Tuesday, January 31, 2012

Religion and State in Israel - January 30, 2012 (Section 1)

Religion and State in Israel

Editor – Joel Katz
Religion and State in Israel is not affiliated with any organization or movement.

By Jonathan Lis, Moti Bassok and Ophir Bar-Zohar www.haaretz.com January 30, 2012

Prime Minister Benjamin Netanyahu told a Likud faction meeting Monday that the Tal Law, which allows ultra-Orthodox citizens to defer military service, will not be extended by the government but rather go to a vote in the Knesset.

By Jeremy Sharon and Lahav Harkov www.jpost.com January 30, 2012

Labor MK Isaac Herzog also expressed opposition to extending the law in its current form, saying it must be improved and revised.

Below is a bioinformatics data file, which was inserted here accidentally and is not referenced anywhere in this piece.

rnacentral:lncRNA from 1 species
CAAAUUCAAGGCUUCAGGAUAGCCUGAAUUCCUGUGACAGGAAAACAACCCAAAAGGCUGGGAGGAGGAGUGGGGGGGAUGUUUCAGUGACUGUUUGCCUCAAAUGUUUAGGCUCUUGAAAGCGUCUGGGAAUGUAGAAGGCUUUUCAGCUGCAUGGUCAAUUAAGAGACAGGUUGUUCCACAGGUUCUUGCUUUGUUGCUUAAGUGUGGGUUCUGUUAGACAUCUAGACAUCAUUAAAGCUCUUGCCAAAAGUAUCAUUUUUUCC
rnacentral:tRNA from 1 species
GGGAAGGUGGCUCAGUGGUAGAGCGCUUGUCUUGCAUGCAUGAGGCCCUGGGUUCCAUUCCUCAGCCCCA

“We need a law that will ensure that more haredim enlist in the army than is the case at the moment,” he said during a Labor faction meeting Monday.

Those advocating a repeal or dramatic reform of the law argue the increase in haredi recruitment is too slow and is not keeping up with the natural increase of the ultra-Orthodox population.

By Lahav Harkov www.ynetnews.com January 30, 2012

Foreign Minister Avigdor Lieberman announced that all 15 Israel Beiteinu MKs will vote against the Tal Law, at a press conference in the Knesset on Monday.

*For all the articles on the Tal Law, scroll to end of post.

www.ynetnews.com January 26, 2012

Results showed that 49% of the public believe religious soldiers should be excused from military ceremonies which include women performers, 40% said they must be forced to attend and only 4% would like the IDF to only allow men perform in ceremonies.